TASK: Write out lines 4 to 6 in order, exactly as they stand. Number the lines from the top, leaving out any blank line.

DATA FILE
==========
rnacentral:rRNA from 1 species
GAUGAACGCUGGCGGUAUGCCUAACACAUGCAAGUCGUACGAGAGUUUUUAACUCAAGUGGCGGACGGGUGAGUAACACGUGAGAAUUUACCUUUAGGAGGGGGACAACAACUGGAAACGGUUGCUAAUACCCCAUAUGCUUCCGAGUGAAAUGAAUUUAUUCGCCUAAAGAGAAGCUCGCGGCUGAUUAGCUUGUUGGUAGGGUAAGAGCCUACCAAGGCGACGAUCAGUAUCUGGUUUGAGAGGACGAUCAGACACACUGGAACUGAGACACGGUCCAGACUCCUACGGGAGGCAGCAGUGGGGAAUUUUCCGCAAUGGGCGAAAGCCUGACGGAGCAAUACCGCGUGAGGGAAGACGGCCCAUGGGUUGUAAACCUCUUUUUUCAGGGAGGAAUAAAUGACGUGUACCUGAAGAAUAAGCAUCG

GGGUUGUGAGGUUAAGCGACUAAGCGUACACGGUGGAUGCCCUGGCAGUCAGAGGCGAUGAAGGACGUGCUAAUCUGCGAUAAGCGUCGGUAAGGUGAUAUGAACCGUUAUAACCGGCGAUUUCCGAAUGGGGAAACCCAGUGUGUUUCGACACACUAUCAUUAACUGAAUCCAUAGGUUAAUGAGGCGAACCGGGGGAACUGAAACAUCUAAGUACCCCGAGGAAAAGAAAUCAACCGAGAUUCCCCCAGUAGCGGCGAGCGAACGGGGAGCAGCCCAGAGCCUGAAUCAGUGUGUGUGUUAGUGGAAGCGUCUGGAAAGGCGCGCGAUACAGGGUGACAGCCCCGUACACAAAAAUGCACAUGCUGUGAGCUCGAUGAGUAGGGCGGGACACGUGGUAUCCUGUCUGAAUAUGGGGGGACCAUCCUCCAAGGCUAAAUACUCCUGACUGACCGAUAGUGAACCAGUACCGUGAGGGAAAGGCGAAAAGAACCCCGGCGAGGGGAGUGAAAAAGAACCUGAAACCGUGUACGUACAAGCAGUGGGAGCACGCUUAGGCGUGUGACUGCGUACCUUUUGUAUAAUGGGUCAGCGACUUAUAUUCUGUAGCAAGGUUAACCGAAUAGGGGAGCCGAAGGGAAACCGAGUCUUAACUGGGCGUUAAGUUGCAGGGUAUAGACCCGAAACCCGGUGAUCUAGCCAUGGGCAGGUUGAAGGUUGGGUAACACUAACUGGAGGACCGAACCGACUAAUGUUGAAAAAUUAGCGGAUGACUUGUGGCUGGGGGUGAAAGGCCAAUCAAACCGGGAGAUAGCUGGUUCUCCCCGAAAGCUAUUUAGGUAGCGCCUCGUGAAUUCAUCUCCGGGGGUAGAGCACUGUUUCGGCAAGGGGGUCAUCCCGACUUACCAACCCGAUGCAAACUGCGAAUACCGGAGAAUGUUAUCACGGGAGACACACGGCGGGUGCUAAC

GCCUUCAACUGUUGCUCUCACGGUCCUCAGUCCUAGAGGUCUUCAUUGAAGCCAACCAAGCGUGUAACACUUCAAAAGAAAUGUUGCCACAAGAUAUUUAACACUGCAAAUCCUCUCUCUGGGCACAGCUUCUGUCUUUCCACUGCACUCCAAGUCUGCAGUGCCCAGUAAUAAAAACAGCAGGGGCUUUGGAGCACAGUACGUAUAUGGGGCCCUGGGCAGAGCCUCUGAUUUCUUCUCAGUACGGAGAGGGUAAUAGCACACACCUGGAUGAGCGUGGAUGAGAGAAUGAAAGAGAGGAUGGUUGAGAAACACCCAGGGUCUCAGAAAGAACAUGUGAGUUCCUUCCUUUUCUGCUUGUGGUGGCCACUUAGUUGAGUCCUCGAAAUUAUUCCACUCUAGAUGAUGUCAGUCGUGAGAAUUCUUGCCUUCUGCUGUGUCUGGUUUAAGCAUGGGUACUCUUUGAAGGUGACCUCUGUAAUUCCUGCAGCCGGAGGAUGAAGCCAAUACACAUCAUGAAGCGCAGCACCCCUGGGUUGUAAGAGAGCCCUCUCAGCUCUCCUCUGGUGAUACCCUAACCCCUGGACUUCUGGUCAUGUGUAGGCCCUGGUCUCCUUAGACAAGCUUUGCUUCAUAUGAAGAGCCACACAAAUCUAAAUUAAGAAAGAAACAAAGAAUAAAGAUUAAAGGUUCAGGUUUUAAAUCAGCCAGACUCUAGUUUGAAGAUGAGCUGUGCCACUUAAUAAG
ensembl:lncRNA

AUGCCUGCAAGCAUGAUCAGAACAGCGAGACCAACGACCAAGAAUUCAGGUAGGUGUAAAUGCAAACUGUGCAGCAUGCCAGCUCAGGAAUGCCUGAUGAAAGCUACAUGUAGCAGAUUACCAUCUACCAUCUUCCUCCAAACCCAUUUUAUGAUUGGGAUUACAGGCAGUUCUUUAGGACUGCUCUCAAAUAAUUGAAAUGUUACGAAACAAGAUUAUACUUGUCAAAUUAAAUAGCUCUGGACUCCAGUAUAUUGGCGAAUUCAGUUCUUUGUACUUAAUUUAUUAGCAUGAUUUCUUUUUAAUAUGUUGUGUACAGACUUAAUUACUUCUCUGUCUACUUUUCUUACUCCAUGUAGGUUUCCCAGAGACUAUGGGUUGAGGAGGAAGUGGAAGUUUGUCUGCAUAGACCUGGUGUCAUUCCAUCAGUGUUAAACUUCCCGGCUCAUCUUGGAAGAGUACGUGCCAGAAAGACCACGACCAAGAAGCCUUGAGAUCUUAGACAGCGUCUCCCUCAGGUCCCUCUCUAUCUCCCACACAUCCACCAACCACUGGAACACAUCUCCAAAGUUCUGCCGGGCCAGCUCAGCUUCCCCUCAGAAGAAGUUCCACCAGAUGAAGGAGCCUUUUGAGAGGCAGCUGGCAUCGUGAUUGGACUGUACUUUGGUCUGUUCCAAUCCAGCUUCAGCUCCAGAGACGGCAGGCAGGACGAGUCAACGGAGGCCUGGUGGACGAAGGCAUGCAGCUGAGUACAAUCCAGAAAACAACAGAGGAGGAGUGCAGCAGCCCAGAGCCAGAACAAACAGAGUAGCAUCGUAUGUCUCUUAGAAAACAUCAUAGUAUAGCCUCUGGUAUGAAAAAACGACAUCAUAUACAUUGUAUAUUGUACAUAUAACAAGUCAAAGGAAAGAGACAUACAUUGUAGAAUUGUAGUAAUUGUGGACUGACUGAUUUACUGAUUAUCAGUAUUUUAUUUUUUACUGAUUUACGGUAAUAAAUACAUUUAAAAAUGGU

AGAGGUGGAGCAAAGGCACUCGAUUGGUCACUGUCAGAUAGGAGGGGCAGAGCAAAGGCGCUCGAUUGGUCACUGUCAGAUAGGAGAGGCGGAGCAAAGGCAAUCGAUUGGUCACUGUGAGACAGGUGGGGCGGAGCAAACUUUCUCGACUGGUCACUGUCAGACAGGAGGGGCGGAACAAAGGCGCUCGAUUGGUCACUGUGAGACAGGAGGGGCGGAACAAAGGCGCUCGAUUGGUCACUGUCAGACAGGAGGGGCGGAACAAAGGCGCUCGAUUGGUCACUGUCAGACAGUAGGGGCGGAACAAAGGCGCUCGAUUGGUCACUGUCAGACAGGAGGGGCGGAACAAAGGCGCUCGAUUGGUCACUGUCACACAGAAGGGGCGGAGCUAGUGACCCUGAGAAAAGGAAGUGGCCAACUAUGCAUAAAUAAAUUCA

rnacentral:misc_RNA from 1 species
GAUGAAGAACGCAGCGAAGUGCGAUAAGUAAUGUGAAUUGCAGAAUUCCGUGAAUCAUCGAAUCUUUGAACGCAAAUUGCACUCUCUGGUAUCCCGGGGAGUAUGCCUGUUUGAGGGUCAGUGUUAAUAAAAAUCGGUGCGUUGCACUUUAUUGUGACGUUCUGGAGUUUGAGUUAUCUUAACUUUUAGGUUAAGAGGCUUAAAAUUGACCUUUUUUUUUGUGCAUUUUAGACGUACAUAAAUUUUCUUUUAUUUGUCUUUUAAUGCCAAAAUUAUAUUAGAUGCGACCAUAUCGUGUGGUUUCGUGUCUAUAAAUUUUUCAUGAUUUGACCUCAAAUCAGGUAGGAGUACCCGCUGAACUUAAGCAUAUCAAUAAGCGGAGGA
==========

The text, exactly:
GCCUUCAACUGUUGCUCUCACGGUCCUCAGUCCUAGAGGUCUUCAUUGAAGCCAACCAAGCGUGUAACACUUCAAAAGAAAUGUUGCCACAAGAUAUUUAACACUGCAAAUCCUCUCUCUGGGCACAGCUUCUGUCUUUCCACUGCACUCCAAGUCUGCAGUGCCCAGUAAUAAAAACAGCAGGGGCUUUGGAGCACAGUACGUAUAUGGGGCCCUGGGCAGAGCCUCUGAUUUCUUCUCAGUACGGAGAGGGUAAUAGCACACACCUGGAUGAGCGUGGAUGAGAGAAUGAAAGAGAGGAUGGUUGAGAAACACCCAGGGUCUCAGAAAGAACAUGUGAGUUCCUUCCUUUUCUGCUUGUGGUGGCCACUUAGUUGAGUCCUCGAAAUUAUUCCACUCUAGAUGAUGUCAGUCGUGAGAAUUCUUGCCUUCUGCUGUGUCUGGUUUAAGCAUGGGUACUCUUUGAAGGUGACCUCUGUAAUUCCUGCAGCCGGAGGAUGAAGCCAAUACACAUCAUGAAGCGCAGCACCCCUGGGUUGUAAGAGAGCCCUCUCAGCUCUCCUCUGGUGAUACCCUAACCCCUGGACUUCUGGUCAUGUGUAGGCCCUGGUCUCCUUAGACAAGCUUUGCUUCAUAUGAAGAGCCACACAAAUCUAAAUUAAGAAAGAAACAAAGAAUAAAGAUUAAAGGUUCAGGUUUUAAAUCAGCCAGACUCUAGUUUGAAGAUGAGCUGUGCCACUUAAUAAG
ensembl:lncRNA

AUGCCUGCAAGCAUGAUCAGAACAGCGAGACCAACGACCAAGAAUUCAGGUAGGUGUAAAUGCAAACUGUGCAGCAUGCCAGCUCAGGAAUGCCUGAUGAAAGCUACAUGUAGCAGAUUACCAUCUACCAUCUUCCUCCAAACCCAUUUUAUGAUUGGGAUUACAGGCAGUUCUUUAGGACUGCUCUCAAAUAAUUGAAAUGUUACGAAACAAGAUUAUACUUGUCAAAUUAAAUAGCUCUGGACUCCAGUAUAUUGGCGAAUUCAGUUCUUUGUACUUAAUUUAUUAGCAUGAUUUCUUUUUAAUAUGUUGUGUACAGACUUAAUUACUUCUCUGUCUACUUUUCUUACUCCAUGUAGGUUUCCCAGAGACUAUGGGUUGAGGAGGAAGUGGAAGUUUGUCUGCAUAGACCUGGUGUCAUUCCAUCAGUGUUAAACUUCCCGGCUCAUCUUGGAAGAGUACGUGCCAGAAAGACCACGACCAAGAAGCCUUGAGAUCUUAGACAGCGUCUCCCUCAGGUCCCUCUCUAUCUCCCACACAUCCACCAACCACUGGAACACAUCUCCAAAGUUCUGCCGGGCCAGCUCAGCUUCCCCUCAGAAGAAGUUCCACCAGAUGAAGGAGCCUUUUGAGAGGCAGCUGGCAUCGUGAUUGGACUGUACUUUGGUCUGUUCCAAUCCAGCUUCAGCUCCAGAGACGGCAGGCAGGACGAGUCAACGGAGGCCUGGUGGACGAAGGCAUGCAGCUGAGUACAAUCCAGAAAACAACAGAGGAGGAGUGCAGCAGCCCAGAGCCAGAACAAACAGAGUAGCAUCGUAUGUCUCUUAGAAAACAUCAUAGUAUAGCCUCUGGUAUGAAAAAACGACAUCAUAUACAUUGUAUAUUGUACAUAUAACAAGUCAAAGGAAAGAGACAUACAUUGUAGAAUUGUAGUAAUUGUGGACUGACUGAUUUACUGAUUAUCAGUAUUUUAUUUUUUACUGAUUUACGGUAAUAAAUACAUUUAAAAAUGGU